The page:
Outpatient Management of Acute Bacterial Skin and Skin Structure Infections - Episode 11
ABSSSI Case Scenarios for OPAT
Segment description: Peter L. Salgo, MD; Yoav Golan, MD; and Bruce M. Jones, PharmD, BCPS, share clinical case scenarios as examples of evaluation of patients who present with acute bacterial skin and skin structure infections in an emergency department.
Peter L. Salgo, MD: Doctors love clinical scenarios; let’s play the scenario game. Patient walks in and presents to you, saying, “Doctor, I have this rash, and I’m not feeling well.” What do you say? What do you do, and then what’s your next move?
Yoav Golan, MD: Well, a typical patient will come in and say they have a rash, which may be cellulitis, for example. The patient will say, “Well, I failed; I had a small skin cut, and then I developed this redness that now covers my entire leg.” That’s clearly far more than 75 square centimeters, which we said is about the size of a baseball. The patient says, “It’s painful, and I haven’t been feeling well. I’m fatigued, I have diabetes, and I started to have a fever in the past 2 days. I went to my primary care physician, who gave me Bactrim (trimethoprim/sulfamethoxazole), and it continues to expand despite the Bactrim.” Now the patient is in the emergency department and asks what you can do better than their primary care physician. The evaluation would include whether the patient is septic, whether the patient is hemodynamically stable. This patient is diabetic, so we make sure his diabetes is not out of control. We ask whether someone can make some food at home for them over the next 2 days, and if the answer is yes for all of those, you could basically treat the patient with IV antibiotics. That would be a typical patient who I would say 90 times of 100 would be admitted for IV vancomycin and could be discharged 90 times of 100 just because of their presentation. That could be 1 patient.
Bruce M. Jones, PharmD, BCPS: You go down to the emergency department, and the 1 person you don’t want to see is that 30-year-old male who is obese because you look at them, they have a skin infection, and you cannot give them enough vancomycin to get them to a therapeutic level. If you are, you’re giving it 3 times a day, 4 times a day; you’re going upward of 1500 mg, 2000 mg. It’s not going to be something that’s transferrable to an outpatient. If you have certain candidates, certain patients, that’s always an ideal one for me.
Peter L. Salgo, MD: So, those are the good candidates.
Yoav Golan, MD: Another group that is very, very attractive for those antibiotics is some IV drug users, and we see a lot of skin infections in IV drug users. As you know, IV drug use requires needles, and those needles can cause infections at the site. There is a particular issue with this patient population, that we are very limited with PICC lines and mid-lines. Very often, these are young people who are otherwise healthy, and they don’t want to be in the hospital. For them, being able to infuse them once, and get rid of the entire course of antibiotics, is very successful. Sometimes we actually will do that also among inpatients because we have inpatients who require 10 days of therapy. They’ve been there for 3 days, they are fine, they could be discharged, but they need 7 more days. We can’t do it through the PICC lines, so we can send them to our infusion center or wound center the next day and give them an infusion. By that, we benefit them because we shorten their time in the hospital, and they get that adequate therapy.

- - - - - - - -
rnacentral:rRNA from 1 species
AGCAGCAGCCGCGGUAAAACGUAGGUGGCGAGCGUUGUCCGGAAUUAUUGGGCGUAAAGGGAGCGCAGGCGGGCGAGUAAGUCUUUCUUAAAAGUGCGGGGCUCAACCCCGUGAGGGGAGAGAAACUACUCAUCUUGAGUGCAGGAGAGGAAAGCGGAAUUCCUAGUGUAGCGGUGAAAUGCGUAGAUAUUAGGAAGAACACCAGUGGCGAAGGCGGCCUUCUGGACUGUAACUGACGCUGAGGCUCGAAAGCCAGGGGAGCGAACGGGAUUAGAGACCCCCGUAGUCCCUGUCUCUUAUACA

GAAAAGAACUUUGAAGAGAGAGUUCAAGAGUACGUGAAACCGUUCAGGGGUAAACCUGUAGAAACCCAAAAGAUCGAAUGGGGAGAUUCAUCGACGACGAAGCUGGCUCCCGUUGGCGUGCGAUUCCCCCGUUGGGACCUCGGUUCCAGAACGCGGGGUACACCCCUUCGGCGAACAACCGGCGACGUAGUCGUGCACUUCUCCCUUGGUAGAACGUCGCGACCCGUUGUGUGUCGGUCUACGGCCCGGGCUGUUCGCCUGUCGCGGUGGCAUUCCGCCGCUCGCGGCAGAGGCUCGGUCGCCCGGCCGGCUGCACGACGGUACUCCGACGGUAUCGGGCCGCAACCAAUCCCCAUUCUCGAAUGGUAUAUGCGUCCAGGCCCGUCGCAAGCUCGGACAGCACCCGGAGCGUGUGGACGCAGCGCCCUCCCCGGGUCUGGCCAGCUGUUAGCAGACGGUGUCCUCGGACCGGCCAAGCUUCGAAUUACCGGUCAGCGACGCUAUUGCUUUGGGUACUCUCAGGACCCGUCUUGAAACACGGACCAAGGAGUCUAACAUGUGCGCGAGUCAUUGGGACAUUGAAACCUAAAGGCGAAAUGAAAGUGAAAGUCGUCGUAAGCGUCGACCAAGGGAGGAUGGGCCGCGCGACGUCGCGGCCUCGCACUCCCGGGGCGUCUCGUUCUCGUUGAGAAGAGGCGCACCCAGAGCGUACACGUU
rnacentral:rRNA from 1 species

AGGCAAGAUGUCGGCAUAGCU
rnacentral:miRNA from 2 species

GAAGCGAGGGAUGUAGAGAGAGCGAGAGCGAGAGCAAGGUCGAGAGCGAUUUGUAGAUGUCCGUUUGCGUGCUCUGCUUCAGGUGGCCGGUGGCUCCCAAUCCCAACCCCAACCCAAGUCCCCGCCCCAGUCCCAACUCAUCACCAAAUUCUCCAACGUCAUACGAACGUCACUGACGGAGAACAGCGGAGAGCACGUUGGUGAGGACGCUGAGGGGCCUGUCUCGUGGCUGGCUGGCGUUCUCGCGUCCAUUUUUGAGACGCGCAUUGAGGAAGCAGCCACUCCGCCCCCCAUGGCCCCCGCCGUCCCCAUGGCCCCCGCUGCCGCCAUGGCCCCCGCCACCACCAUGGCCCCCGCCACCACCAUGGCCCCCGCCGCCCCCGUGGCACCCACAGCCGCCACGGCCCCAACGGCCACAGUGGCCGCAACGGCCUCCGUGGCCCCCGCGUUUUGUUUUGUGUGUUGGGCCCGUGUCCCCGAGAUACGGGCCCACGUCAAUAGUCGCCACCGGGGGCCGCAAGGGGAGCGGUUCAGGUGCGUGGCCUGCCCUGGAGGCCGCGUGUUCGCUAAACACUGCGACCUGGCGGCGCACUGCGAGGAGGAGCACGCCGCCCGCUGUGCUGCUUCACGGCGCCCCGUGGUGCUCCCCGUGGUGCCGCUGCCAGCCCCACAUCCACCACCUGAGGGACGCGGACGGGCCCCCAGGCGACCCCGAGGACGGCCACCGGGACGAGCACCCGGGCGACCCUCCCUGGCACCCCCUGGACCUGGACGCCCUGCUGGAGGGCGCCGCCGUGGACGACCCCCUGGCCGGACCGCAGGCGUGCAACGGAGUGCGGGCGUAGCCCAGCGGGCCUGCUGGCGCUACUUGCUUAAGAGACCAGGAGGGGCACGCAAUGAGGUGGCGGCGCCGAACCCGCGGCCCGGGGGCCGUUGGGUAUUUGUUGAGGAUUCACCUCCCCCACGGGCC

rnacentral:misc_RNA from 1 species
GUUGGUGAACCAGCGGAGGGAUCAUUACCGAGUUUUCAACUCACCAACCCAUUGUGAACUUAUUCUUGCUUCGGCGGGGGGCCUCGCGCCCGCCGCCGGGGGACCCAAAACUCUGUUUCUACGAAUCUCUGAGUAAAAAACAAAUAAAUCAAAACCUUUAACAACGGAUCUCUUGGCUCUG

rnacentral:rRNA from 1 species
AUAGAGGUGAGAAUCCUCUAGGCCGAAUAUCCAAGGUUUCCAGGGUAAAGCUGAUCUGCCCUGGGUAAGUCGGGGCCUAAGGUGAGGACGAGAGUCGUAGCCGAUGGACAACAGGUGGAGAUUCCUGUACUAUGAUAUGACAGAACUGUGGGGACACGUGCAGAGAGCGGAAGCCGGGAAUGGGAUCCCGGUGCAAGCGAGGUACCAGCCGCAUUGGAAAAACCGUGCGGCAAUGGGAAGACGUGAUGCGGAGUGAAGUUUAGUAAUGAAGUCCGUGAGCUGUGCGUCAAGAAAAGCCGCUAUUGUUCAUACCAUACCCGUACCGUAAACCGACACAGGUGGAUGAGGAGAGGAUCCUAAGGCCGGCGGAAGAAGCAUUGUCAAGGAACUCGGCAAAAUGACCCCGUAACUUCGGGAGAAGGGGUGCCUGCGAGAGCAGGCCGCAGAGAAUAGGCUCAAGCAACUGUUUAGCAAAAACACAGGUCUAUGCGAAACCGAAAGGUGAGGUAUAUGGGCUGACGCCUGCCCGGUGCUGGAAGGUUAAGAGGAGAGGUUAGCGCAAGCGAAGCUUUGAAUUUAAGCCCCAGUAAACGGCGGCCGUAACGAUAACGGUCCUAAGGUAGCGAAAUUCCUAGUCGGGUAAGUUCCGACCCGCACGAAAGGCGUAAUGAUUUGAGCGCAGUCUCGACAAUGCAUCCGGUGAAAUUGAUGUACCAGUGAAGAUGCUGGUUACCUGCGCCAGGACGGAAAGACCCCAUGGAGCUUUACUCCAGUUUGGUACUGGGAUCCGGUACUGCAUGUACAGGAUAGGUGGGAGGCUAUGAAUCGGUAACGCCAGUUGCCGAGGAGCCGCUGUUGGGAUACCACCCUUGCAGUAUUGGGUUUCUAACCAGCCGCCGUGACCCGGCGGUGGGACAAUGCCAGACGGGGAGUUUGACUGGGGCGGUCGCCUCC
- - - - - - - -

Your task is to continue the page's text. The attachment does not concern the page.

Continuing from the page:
Bruce M. Jones, PharmD, BCPS: That’s always one of our top targets. You look at those IV drug abusers; if they are admitted to your hospital, what do they do? They sit. The nightmare is to try to get out of the hospital, so it’s a great target in that population.
Peter L. Salgo, MD: You were both being very gentle about this, but I’ll be a little less. Who wants to send an IV drug abuser home with an IV line?
Yoav Golan, MD: That’s definitely a problem. Most hospitals will not do that, from a risk management perspective, because those lines can be used for many different purposes, and you don’t want them to be used in a way that’s going to risk the patient’s life.
Peter L. Salgo, MD: Hospitals just don’t want to be seen as a portal of entry for illegal drugs, right?
Bruce M. Jones, PharmD, BCPS: We don’t do it. You walk by that patient’s room, and they’re sitting there with their legs crossed, watching television most days. They don’t really have another reason to remain as an inpatient.
Peter L. Salgo, MD: You can get the IV line out. There’s no temptation here to use that IV line for illicit purposes; you give them 1 dose, and go. Also, it seems to me that in my experience anyway, the IV drug abusers have terrible veins. You find 1 vein, you use it once, and we’re done.
Yoav Golan, MD: That is absolutely the case.
Peter L. Salgo, MD: Speaking as an inner-city doctor, I would say that’s one of the things I would think of.
Yoav Golan, MD: Again, bottom line is, that benefits them the best because they find themselves locked in the hospital. Maybe they are watching TV, but locked in a hospital for an infection that could otherwise be treated out of the hospital if they were not IV drug users. There’s no reason why they would get differential.
Peter L. Salgo, MD: Why not have a win-win, better for the hospital and better for the patient, whether the patient is an IVDA (intravenous drug abuser) or not?
Bruce M. Jones, PharmD, BCPS: Absolutely.
Peter L. Salgo, MD: Great new drugs, great ideas, and now quite as complicated as what we were discussing earlier about having a whole center and bringing people back for periodic readministration. I had no idea you could give it just once for 2 weeks. That’s really impressive.